“Creatures move their bodies in lots of different ways – just like people. Try wriggling and jiggling as you try to keep up with these animals.” (Catalogue)

Mister Seahorse / Carle, Eric
“After Mrs. Seahorse lays her eggs on Mr. Seahorse’s belly, he drifts through the water, greeting other fish fathers who are taking care of their eggs. Suggested level: junior, primary.” (Catalogue)

The Nonsense Show / Carle, Eric
“Ducks growing out of bananas? A mouse catching a cat? What’s wrong with this book? Yes, there’s something strange, something funny, and even downright preposterous on every page of this book. But it’s not a mistake–it’s nonsense! And it’s also surrealism” (Catalogue)

Become an Environmental Scientist with the City Nature Challenge!

Finish off the school holidays in environmental style by taking part in the City Nature Challenge this weekend! From Friday 30 April to Monday 3 May, Wellington will be transformed into a giant nature playground — and you will be turned into scientists, should you choose to take up the challenge of embarking on a four-day bioblitz!

WCC gardener photographing a plant using the iNaturalist app at a Wellington City garden.

Nate Rigler, WCC gardener, investigating some local flora! Photo credit: Tim Park.

So what is the City Nature Challenge? It’s a global event that sees people from over 250 cities across the world search for, report, and log any sightings of wild plants, creatures, or organisms, living or dead, on the land, up the mountains, and in the sea — and around our backyards.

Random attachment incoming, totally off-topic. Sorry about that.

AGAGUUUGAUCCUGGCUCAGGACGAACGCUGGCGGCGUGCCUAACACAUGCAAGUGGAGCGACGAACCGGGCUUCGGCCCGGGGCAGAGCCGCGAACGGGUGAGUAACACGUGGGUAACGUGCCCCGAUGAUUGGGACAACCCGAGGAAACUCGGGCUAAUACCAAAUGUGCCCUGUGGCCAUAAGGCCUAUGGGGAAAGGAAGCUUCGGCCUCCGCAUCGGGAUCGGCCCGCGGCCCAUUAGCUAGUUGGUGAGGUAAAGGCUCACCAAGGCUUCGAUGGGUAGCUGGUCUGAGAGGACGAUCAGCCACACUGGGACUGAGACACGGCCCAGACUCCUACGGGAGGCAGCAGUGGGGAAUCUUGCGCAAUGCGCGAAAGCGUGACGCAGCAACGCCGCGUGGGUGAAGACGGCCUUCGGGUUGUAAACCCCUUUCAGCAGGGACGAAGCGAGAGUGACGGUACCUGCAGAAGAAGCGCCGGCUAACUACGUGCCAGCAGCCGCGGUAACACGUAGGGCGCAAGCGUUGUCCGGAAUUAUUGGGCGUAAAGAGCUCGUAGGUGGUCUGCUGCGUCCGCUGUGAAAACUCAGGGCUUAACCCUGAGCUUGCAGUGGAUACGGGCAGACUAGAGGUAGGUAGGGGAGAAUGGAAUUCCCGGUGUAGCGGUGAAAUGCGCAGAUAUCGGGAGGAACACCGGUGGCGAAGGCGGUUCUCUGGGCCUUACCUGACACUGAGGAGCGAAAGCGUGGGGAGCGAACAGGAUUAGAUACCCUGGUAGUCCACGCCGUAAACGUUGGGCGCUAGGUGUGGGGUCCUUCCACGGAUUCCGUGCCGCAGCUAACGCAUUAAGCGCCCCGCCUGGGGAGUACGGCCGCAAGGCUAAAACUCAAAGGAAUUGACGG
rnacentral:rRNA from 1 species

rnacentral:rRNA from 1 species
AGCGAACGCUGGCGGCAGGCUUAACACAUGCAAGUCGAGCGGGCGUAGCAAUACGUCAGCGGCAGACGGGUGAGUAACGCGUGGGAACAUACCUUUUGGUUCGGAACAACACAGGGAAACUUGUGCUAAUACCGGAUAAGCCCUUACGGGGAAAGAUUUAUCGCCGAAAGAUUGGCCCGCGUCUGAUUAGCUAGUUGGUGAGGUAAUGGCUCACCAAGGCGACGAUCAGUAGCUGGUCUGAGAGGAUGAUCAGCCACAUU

It’s super easy to get involved using the iNaturalist app (free on the app store). Join the Wellington City Nature Challenge group, go for a walk in the city (looking out for local flora and fauna as you go!) and when you spot something cool, upload it to the app. There are prizes to be won and a natural environment to be discovered, so pick up a flyer from your local library, or head over to the City Nature Challenge website, to find out more!

If nature is your kind of thing, Wellington City Libraries has a huge range of books and other resources on the topic. Use the following links to find books on our catalogue about various topics relating to the plants, animals, and environment of New Zealand — or use the Dewey Decimal numbers to help you search the shelves the next time you visit the library!

Here are some that you might find particularly useful as you participate in the City Nature Challenge this weekend:

New Zealand nature heroes / Candler, Gillian
“New Zealand Nature Heroes is designed to inspire and empower New Zealand kids to be naturalists and conservationists. Aimed at the 8-12 age range, the book features stories of 15 different nature heroes, people who, in the past, or currently, are working to protect and understand New Zealand’s natural world. These inspirational profiles are complemented with information about key animals, plants or habitats, and then each matched with an authentic activity that kids can do to make a difference.” (Catalogue)

A New Zealand nature journal / Morris, Sandra
“A New Zealand Nature Journal will teach you how to keep a nature journal to record your amazing discoveries. Have you ever noticed that ladybirds have different numbers of spots? Or that leaves can be pointed or round, long or short, soft or hard? There is so much to explore in the natural world. And keeping a nature journal is the best way to record all your amazing discoveries.” (Catalogue)

New Zealand birds in pictures / Chen, Kimball